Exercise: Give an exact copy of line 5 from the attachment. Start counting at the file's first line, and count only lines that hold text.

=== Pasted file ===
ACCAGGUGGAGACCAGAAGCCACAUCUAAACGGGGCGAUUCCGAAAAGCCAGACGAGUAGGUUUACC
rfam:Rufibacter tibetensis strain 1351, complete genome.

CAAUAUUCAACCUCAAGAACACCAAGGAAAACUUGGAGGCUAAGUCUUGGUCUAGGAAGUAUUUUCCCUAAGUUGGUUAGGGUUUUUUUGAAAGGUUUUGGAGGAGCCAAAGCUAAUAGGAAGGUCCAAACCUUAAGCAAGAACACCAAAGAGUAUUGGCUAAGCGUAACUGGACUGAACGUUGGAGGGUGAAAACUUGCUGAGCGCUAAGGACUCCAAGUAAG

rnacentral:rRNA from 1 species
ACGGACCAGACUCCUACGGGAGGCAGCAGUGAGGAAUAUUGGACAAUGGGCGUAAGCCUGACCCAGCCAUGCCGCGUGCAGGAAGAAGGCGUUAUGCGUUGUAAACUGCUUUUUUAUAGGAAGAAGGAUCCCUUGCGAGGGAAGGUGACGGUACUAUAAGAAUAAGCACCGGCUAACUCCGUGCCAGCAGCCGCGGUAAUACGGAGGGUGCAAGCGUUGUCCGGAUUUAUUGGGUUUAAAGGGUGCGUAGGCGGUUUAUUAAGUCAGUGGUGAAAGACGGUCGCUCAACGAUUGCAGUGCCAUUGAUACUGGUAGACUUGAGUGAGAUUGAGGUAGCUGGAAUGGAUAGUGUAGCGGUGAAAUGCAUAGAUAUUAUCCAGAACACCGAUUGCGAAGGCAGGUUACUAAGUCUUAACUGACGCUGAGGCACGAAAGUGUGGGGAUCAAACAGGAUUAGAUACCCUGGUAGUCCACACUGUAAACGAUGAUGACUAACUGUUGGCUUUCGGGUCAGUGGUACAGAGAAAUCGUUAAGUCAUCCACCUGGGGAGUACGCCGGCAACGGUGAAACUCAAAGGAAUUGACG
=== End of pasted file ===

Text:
ACGGACCAGACUCCUACGGGAGGCAGCAGUGAGGAAUAUUGGACAAUGGGCGUAAGCCUGACCCAGCCAUGCCGCGUGCAGGAAGAAGGCGUUAUGCGUUGUAAACUGCUUUUUUAUAGGAAGAAGGAUCCCUUGCGAGGGAAGGUGACGGUACUAUAAGAAUAAGCACCGGCUAACUCCGUGCCAGCAGCCGCGGUAAUACGGAGGGUGCAAGCGUUGUCCGGAUUUAUUGGGUUUAAAGGGUGCGUAGGCGGUUUAUUAAGUCAGUGGUGAAAGACGGUCGCUCAACGAUUGCAGUGCCAUUGAUACUGGUAGACUUGAGUGAGAUUGAGGUAGCUGGAAUGGAUAGUGUAGCGGUGAAAUGCAUAGAUAUUAUCCAGAACACCGAUUGCGAAGGCAGGUUACUAAGUCUUAACUGACGCUGAGGCACGAAAGUGUGGGGAUCAAACAGGAUUAGAUACCCUGGUAGUCCACACUGUAAACGAUGAUGACUAACUGUUGGCUUUCGGGUCAGUGGUACAGAGAAAUCGUUAAGUCAUCCACCUGGGGAGUACGCCGGCAACGGUGAAACUCAAAGGAAUUGACG